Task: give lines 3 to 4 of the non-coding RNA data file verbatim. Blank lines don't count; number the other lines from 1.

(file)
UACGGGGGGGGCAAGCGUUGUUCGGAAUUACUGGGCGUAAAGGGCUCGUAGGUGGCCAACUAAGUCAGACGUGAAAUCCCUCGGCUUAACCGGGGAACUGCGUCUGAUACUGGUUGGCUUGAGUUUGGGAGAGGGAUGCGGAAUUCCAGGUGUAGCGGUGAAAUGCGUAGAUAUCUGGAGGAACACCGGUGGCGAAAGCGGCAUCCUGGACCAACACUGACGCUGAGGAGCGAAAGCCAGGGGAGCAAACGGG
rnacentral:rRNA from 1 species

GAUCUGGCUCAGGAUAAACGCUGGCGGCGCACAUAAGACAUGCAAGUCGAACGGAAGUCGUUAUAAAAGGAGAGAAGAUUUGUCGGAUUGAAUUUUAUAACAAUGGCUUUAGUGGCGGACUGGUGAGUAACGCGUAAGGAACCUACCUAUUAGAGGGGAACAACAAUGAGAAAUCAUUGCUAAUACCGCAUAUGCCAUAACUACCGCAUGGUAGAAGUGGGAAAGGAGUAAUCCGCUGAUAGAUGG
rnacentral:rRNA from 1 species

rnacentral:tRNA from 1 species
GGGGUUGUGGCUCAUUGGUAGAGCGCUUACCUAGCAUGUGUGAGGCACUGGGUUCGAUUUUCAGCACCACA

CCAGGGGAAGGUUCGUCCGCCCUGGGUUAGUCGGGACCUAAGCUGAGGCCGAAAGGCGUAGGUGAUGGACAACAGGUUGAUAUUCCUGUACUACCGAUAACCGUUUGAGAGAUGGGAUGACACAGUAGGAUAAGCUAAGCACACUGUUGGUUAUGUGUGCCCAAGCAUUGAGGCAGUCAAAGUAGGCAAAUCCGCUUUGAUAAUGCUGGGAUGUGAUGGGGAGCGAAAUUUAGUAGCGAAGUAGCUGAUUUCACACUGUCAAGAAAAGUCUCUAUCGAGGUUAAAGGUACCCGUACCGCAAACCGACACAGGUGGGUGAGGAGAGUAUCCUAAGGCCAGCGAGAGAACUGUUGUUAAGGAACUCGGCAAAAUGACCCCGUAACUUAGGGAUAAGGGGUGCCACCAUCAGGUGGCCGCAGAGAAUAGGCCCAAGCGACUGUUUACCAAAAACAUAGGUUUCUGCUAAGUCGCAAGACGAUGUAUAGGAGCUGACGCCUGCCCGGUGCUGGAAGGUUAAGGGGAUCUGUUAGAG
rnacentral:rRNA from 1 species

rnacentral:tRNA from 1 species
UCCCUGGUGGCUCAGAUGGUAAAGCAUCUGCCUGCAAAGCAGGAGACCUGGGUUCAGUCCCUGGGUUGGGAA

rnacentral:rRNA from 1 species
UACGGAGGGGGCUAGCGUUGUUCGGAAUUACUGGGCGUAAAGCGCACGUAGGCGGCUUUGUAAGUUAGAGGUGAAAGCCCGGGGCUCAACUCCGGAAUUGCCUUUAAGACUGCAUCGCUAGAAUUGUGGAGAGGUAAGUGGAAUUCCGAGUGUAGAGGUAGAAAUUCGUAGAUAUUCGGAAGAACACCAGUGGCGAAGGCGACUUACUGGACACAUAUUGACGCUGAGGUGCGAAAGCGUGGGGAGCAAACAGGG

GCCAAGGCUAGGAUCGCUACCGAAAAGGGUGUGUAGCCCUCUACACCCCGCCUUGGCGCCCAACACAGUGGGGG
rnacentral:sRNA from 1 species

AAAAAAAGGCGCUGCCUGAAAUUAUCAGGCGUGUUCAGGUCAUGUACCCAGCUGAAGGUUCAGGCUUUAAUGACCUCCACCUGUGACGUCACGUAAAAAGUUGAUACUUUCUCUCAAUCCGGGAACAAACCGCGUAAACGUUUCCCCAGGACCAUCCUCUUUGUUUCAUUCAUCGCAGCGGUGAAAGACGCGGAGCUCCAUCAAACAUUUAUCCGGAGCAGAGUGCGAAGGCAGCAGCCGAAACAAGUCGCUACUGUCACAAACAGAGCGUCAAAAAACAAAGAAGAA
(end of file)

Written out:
GAUCUGGCUCAGGAUAAACGCUGGCGGCGCACAUAAGACAUGCAAGUCGAACGGAAGUCGUUAUAAAAGGAGAGAAGAUUUGUCGGAUUGAAUUUUAUAACAAUGGCUUUAGUGGCGGACUGGUGAGUAACGCGUAAGGAACCUACCUAUUAGAGGGGAACAACAAUGAGAAAUCAUUGCUAAUACCGCAUAUGCCAUAACUACCGCAUGGUAGAAGUGGGAAAGGAGUAAUCCGCUGAUAGAUGG
rnacentral:rRNA from 1 species